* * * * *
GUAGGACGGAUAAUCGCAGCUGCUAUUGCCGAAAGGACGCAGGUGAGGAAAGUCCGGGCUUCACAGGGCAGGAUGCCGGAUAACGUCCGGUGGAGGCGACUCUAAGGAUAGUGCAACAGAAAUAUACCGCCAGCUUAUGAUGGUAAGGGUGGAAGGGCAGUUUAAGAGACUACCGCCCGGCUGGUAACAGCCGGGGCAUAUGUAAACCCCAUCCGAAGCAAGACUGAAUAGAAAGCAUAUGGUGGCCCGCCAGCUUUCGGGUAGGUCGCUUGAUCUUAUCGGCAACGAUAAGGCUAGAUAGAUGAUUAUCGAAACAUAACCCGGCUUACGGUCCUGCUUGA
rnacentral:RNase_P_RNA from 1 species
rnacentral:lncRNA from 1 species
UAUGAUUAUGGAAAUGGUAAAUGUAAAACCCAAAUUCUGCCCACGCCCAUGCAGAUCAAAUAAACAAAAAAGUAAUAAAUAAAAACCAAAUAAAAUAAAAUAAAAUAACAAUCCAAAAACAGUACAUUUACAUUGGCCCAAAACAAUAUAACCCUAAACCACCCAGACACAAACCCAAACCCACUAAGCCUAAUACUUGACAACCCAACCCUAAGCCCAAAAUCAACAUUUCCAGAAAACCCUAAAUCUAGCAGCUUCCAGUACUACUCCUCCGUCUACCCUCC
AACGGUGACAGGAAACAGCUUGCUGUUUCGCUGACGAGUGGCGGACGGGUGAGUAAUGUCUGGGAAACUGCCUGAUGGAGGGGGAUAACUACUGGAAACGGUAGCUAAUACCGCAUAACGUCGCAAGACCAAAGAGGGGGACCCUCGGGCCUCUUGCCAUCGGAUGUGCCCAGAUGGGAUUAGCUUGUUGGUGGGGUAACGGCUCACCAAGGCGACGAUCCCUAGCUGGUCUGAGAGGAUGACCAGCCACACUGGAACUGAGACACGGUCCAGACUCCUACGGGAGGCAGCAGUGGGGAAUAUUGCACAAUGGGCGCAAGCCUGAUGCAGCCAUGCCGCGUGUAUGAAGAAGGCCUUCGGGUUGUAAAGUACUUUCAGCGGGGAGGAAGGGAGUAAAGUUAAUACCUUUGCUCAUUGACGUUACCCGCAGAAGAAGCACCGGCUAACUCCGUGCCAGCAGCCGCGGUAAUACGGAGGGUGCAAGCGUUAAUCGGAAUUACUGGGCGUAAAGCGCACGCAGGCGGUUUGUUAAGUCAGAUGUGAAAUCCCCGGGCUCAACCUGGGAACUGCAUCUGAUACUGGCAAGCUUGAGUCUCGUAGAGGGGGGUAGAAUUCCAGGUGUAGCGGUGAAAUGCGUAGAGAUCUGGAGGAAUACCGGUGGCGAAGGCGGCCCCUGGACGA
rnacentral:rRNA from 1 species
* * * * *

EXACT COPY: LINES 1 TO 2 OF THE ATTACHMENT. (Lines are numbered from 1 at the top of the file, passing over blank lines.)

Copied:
GUAGGACGGAUAAUCGCAGCUGCUAUUGCCGAAAGGACGCAGGUGAGGAAAGUCCGGGCUUCACAGGGCAGGAUGCCGGAUAACGUCCGGUGGAGGCGACUCUAAGGAUAGUGCAACAGAAAUAUACCGCCAGCUUAUGAUGGUAAGGGUGGAAGGGCAGUUUAAGAGACUACCGCCCGGCUGGUAACAGCCGGGGCAUAUGUAAACCCCAUCCGAAGCAAGACUGAAUAGAAAGCAUAUGGUGGCCCGCCAGCUUUCGGGUAGGUCGCUUGAUCUUAUCGGCAACGAUAAGGCUAGAUAGAUGAUUAUCGAAACAUAACCCGGCUUACGGUCCUGCUUGA
rnacentral:RNase_P_RNA from 1 species